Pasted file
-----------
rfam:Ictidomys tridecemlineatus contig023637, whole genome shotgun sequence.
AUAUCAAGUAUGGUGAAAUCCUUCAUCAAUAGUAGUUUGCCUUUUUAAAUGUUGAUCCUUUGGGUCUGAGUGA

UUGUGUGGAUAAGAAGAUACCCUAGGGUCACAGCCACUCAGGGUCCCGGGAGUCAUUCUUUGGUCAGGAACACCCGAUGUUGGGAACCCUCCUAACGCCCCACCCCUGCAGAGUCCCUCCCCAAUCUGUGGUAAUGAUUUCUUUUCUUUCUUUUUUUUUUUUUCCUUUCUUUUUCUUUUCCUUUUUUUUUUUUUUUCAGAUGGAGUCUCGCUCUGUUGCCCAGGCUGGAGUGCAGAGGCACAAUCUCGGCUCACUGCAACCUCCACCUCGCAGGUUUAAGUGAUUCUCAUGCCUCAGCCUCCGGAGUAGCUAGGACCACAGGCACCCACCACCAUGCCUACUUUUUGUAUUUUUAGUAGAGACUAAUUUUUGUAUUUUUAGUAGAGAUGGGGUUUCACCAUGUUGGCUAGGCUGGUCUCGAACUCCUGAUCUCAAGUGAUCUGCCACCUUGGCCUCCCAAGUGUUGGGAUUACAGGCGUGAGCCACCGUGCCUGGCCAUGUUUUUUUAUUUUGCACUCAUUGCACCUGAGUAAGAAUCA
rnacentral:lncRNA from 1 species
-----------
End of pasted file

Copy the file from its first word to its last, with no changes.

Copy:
rfam:Ictidomys tridecemlineatus contig023637, whole genome shotgun sequence.
AUAUCAAGUAUGGUGAAAUCCUUCAUCAAUAGUAGUUUGCCUUUUUAAAUGUUGAUCCUUUGGGUCUGAGUGA

UUGUGUGGAUAAGAAGAUACCCUAGGGUCACAGCCACUCAGGGUCCCGGGAGUCAUUCUUUGGUCAGGAACACCCGAUGUUGGGAACCCUCCUAACGCCCCACCCCUGCAGAGUCCCUCCCCAAUCUGUGGUAAUGAUUUCUUUUCUUUCUUUUUUUUUUUUUCCUUUCUUUUUCUUUUCCUUUUUUUUUUUUUUUCAGAUGGAGUCUCGCUCUGUUGCCCAGGCUGGAGUGCAGAGGCACAAUCUCGGCUCACUGCAACCUCCACCUCGCAGGUUUAAGUGAUUCUCAUGCCUCAGCCUCCGGAGUAGCUAGGACCACAGGCACCCACCACCAUGCCUACUUUUUGUAUUUUUAGUAGAGACUAAUUUUUGUAUUUUUAGUAGAGAUGGGGUUUCACCAUGUUGGCUAGGCUGGUCUCGAACUCCUGAUCUCAAGUGAUCUGCCACCUUGGCCUCCCAAGUGUUGGGAUUACAGGCGUGAGCCACCGUGCCUGGCCAUGUUUUUUUAUUUUGCACUCAUUGCACCUGAGUAAGAAUCA
rnacentral:lncRNA from 1 species